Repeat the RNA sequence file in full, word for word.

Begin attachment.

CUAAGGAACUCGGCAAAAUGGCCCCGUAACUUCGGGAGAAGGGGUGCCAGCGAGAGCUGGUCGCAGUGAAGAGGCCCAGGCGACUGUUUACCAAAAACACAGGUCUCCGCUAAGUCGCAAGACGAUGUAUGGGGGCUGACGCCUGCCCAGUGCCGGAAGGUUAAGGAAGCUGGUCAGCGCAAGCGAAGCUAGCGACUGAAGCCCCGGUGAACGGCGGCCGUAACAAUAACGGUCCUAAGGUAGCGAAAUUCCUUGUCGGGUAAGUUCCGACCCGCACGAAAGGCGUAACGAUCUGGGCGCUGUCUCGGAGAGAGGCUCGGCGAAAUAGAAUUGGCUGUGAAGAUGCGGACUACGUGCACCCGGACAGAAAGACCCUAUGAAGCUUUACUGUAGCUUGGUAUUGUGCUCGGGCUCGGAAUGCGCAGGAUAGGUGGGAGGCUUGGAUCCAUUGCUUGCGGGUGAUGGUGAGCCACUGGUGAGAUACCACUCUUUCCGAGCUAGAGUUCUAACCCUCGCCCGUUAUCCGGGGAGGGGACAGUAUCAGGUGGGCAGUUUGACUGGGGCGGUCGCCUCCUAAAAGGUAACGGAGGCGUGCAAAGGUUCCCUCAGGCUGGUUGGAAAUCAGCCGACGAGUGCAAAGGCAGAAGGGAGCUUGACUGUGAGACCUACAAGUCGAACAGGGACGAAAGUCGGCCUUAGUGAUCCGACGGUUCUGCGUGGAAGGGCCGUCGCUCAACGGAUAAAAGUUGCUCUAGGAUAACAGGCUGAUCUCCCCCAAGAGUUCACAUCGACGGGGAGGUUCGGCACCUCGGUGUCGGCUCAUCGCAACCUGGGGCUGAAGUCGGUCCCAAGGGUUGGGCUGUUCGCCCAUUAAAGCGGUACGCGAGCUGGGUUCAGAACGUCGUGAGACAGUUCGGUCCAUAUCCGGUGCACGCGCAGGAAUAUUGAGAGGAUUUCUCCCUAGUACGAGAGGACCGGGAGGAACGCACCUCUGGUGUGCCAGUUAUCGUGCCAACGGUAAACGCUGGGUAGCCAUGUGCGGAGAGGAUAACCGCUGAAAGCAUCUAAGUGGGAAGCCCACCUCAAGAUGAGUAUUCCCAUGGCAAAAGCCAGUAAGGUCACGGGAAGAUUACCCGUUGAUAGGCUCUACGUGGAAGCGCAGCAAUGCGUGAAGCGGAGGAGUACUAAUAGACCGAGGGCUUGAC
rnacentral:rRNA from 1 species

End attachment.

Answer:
CUAAGGAACUCGGCAAAAUGGCCCCGUAACUUCGGGAGAAGGGGUGCCAGCGAGAGCUGGUCGCAGUGAAGAGGCCCAGGCGACUGUUUACCAAAAACACAGGUCUCCGCUAAGUCGCAAGACGAUGUAUGGGGGCUGACGCCUGCCCAGUGCCGGAAGGUUAAGGAAGCUGGUCAGCGCAAGCGAAGCUAGCGACUGAAGCCCCGGUGAACGGCGGCCGUAACAAUAACGGUCCUAAGGUAGCGAAAUUCCUUGUCGGGUAAGUUCCGACCCGCACGAAAGGCGUAACGAUCUGGGCGCUGUCUCGGAGAGAGGCUCGGCGAAAUAGAAUUGGCUGUGAAGAUGCGGACUACGUGCACCCGGACAGAAAGACCCUAUGAAGCUUUACUGUAGCUUGGUAUUGUGCUCGGGCUCGGAAUGCGCAGGAUAGGUGGGAGGCUUGGAUCCAUUGCUUGCGGGUGAUGGUGAGCCACUGGUGAGAUACCACUCUUUCCGAGCUAGAGUUCUAACCCUCGCCCGUUAUCCGGGGAGGGGACAGUAUCAGGUGGGCAGUUUGACUGGGGCGGUCGCCUCCUAAAAGGUAACGGAGGCGUGCAAAGGUUCCCUCAGGCUGGUUGGAAAUCAGCCGACGAGUGCAAAGGCAGAAGGGAGCUUGACUGUGAGACCUACAAGUCGAACAGGGACGAAAGUCGGCCUUAGUGAUCCGACGGUUCUGCGUGGAAGGGCCGUCGCUCAACGGAUAAAAGUUGCUCUAGGAUAACAGGCUGAUCUCCCCCAAGAGUUCACAUCGACGGGGAGGUUCGGCACCUCGGUGUCGGCUCAUCGCAACCUGGGGCUGAAGUCGGUCCCAAGGGUUGGGCUGUUCGCCCAUUAAAGCGGUACGCGAGCUGGGUUCAGAACGUCGUGAGACAGUUCGGUCCAUAUCCGGUGCACGCGCAGGAAUAUUGAGAGGAUUUCUCCCUAGUACGAGAGGACCGGGAGGAACGCACCUCUGGUGUGCCAGUUAUCGUGCCAACGGUAAACGCUGGGUAGCCAUGUGCGGAGAGGAUAACCGCUGAAAGCAUCUAAGUGGGAAGCCCACCUCAAGAUGAGUAUUCCCAUGGCAAAAGCCAGUAAGGUCACGGGAAGAUUACCCGUUGAUAGGCUCUACGUGGAAGCGCAGCAAUGCGUGAAGCGGAGGAGUACUAAUAGACCGAGGGCUUGAC
rnacentral:rRNA from 1 species